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100% of dentists surveyed want access to patients' medical records

Sept. 25, 2023
All dental providers surveyed in a recent CareQuest study on electronic health records said they'd like access to their patients' medical records, and most of their medical peers agree. Here's why.
Elizabeth S. Leaver, Digital content manager

When asked in a recent survey if they’d like to be able to view their patients’ medical records, all dental providers—fully 100%—indicated they would, with a majority of their medical peers (75%) saying they’d like access to their patients’ dental information.

The findings were part of a CareQuest Institute for Oral Health provider survey on electronic health records (EHRs) conducted at federally qualified health centers (FQHCs), selected for the study “due to their role as innovators and early adopters of medical-dental integration.”

The study points to inadequacies with the exchange of EHRs among dental and medical providers, noting that care teams often have separate records for mutual patients, as well as incompatible software systems.

Also from CareQuest: Dangerous at-home oral care: Who's most at risk?

Beyond the convenience data integration would offer is the potential for more efficient, timely, and thorough patient care, according to CareQuest: “There are many scenarios in which a patient’s care may be delayed or lack attention due to inadequate collaboration and data-sharing between medical and dental offices.”

“Despite the growing understanding of the relationship between oral health and systemic disease, oral health care often remains siloed from the rest of the health care system,” it continued. “Medical-dental integration and the improved sharing of medical and dental records can help build that critical bridge between oral health and overall health.”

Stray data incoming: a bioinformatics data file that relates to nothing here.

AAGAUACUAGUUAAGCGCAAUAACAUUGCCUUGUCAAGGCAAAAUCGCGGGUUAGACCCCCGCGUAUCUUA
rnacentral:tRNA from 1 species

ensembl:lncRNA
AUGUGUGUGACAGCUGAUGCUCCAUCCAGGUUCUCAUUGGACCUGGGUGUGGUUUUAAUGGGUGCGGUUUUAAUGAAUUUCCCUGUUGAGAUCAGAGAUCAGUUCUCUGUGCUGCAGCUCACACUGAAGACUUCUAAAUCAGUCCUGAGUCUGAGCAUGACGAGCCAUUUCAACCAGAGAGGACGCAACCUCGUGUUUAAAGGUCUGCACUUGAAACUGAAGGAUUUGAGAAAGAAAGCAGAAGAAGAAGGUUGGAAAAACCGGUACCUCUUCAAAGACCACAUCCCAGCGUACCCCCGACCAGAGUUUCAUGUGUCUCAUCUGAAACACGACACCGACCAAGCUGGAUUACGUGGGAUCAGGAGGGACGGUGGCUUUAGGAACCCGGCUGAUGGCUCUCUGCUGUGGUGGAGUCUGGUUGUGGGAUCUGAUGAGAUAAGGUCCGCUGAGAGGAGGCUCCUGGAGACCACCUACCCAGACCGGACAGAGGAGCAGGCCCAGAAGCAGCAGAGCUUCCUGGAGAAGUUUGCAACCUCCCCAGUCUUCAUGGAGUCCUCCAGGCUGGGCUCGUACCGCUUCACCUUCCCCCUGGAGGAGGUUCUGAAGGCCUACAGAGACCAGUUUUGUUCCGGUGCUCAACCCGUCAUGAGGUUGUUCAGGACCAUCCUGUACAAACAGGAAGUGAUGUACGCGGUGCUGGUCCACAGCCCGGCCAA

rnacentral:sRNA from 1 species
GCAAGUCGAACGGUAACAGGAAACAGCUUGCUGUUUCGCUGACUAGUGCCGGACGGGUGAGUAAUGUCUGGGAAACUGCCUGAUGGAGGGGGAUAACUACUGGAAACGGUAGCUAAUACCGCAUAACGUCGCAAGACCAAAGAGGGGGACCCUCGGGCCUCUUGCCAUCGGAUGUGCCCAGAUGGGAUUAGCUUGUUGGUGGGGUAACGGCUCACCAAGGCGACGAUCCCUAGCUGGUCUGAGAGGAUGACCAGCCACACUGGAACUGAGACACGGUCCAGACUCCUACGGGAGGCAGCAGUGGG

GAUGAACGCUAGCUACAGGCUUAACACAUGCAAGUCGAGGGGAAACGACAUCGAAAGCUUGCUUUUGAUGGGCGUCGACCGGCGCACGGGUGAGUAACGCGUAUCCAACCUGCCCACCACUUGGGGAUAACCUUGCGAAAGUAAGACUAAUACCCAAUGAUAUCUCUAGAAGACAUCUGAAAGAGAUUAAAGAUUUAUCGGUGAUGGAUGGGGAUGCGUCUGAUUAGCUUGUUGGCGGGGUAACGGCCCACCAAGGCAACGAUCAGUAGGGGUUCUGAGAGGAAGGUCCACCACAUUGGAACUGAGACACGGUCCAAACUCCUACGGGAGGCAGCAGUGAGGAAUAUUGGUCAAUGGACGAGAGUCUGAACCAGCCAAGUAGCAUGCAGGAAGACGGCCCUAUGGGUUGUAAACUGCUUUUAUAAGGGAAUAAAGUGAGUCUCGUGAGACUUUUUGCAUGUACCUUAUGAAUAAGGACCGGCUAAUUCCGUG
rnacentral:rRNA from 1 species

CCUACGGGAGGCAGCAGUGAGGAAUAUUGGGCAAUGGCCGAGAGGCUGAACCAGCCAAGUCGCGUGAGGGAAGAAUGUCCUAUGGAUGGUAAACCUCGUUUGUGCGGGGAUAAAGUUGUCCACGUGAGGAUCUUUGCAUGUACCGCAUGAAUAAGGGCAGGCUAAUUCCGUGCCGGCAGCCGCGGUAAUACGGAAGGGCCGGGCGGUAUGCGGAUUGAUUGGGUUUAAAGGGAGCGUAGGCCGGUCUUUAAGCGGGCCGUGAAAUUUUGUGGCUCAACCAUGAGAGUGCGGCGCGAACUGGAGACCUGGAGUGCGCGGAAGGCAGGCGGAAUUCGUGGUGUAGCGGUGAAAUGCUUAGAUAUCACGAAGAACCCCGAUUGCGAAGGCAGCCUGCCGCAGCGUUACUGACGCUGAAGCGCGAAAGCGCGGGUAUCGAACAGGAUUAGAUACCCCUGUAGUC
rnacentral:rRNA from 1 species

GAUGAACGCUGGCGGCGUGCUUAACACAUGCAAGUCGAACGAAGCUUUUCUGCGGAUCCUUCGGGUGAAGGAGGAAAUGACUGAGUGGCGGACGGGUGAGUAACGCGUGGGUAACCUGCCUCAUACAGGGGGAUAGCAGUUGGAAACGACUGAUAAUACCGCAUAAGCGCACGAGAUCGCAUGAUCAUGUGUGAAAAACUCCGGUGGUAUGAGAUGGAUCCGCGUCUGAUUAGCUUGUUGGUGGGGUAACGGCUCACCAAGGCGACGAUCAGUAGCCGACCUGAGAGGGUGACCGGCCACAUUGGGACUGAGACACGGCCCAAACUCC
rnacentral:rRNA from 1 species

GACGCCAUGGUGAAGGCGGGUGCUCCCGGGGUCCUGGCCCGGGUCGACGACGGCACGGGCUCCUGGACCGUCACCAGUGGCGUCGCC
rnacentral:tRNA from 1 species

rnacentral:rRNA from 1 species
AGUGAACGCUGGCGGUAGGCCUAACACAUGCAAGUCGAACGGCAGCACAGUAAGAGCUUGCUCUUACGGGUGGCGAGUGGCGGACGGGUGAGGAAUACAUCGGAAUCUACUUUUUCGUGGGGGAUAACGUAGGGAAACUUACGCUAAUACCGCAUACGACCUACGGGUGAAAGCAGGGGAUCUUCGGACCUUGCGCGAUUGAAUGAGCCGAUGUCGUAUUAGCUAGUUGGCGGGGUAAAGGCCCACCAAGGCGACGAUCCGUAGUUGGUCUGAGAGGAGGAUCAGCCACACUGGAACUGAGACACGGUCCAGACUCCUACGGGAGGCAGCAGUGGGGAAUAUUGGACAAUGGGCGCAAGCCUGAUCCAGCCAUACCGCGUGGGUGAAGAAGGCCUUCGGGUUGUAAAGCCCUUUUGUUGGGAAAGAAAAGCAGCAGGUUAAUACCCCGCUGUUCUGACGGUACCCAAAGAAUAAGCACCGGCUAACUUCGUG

Other key survey findings

  • Fewer than half (42%) of dental providers at colocated facilities can use their health center’s EHR system to enter information into patients’ medical records. 
  • The vast majority (88%) of medical and dental providers at colocated facilities can’t revise their mutual patients’ treatment plans. 
  • Medical providers have more access to identify medications and make referrals to outside health care providers through the EHR system than dental providers. 
  • Twice as many medical providers as dental providers are able to identify medications prescribed to patients by providers at other health-care organizations using their EHR system.
About the Author

Elizabeth S. Leaver | Digital content manager

Elizabeth S. Leaver was the digital content manager for Endeavor Business Media's dental group from 2021-2024. She has a degree in journalism from Northeastern University in Boston and many years of experience working in niche industries specializing in creating content, editing, content marketing, and publishing digital and magazine content. She lives in the Boston area.